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On copper oxide outcrops in the Chabuca area of the Tintaya district, Peru


With the late Hugo Dummett in Ulaanbaatar, Mongolia

Eric Seedorff
Ph. D., 1987, Stanford University

I am an Associate Professor, Lowell Chair in Economic Geology, in the Center for Mineral Resources of the Department of Geosciences. I joined the faculty of the University of Arizona in January 2002 after having spent the first half of my career in the minerals industry. I have a courtesy appointment in the Department of Mining and Geological Engineering.

With students, other faculty members, and collaborators in the minerals industry, government, and academia, I undertake field-based research investigations supported by laboratory measurements. Among other tools, I make extensive use of geologic maps and associated displays of geometric and temporal relationships. My geologic interests span economic geology, structural geology, volcanology and igneous petrology, and geochemistry. I study why hydrothermal systems are initiated, how they evolve in time and space, how they are related to the open-system behavior of magma chambers, and how long they persist. I also track the structural history of mineral deposits during the subsequent tectonic evolution of the regions in which they formed. The types of mineral deposits that interest me most are porphyry deposits of Cu, Mo, Au, Sn, and W, Carlin-type Au deposits, and epithermal Au-Ag deposits. I also am curious about the sources of effective organizations, the catalysts of innovation, and the development of leadership.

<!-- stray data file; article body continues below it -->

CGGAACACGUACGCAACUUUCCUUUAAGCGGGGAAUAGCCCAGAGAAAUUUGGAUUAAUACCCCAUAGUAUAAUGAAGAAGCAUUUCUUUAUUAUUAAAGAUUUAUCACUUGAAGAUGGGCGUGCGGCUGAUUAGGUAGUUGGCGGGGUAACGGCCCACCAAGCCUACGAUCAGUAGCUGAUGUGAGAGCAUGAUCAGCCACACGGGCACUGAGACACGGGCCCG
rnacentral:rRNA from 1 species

I teach undergraduate and graduate courses in Geosciences such as Physical Geology, Volcanology, Field Mapping of Mineral Deposits, Advanced Techniques in Mineral Deposits, seminars on the Origin of Porphyry Deposits, and classes and short courses in the Lowell Program in Economic Geology. I advise MS and PhD students and serve on numerous other MS and PhD research committees. In addition to fulfilling the traditional roles of a Geosciences faculty member, I am Director of the Lowell Program in Economic Geology.

I am a member of more than a dozen geological and mining organizations and am President of the Arizona Geological Society for 2004. My professional service includes having been an Associate Editor of Economic Geology, Councilor of the Society of Economic Geologists, and President of the Geological Society of Nevada.




Contact information for Eric Seedorff
Department of Geosciences
University of Arizona
1040 E. 4th Street, Rm 316
Tucson, AZ 85721-0077 U.S.A.

Phone:  1-520-626-3921
Fax:  1-520-621-2672
e-mail: seedorff@geo.arizona.edu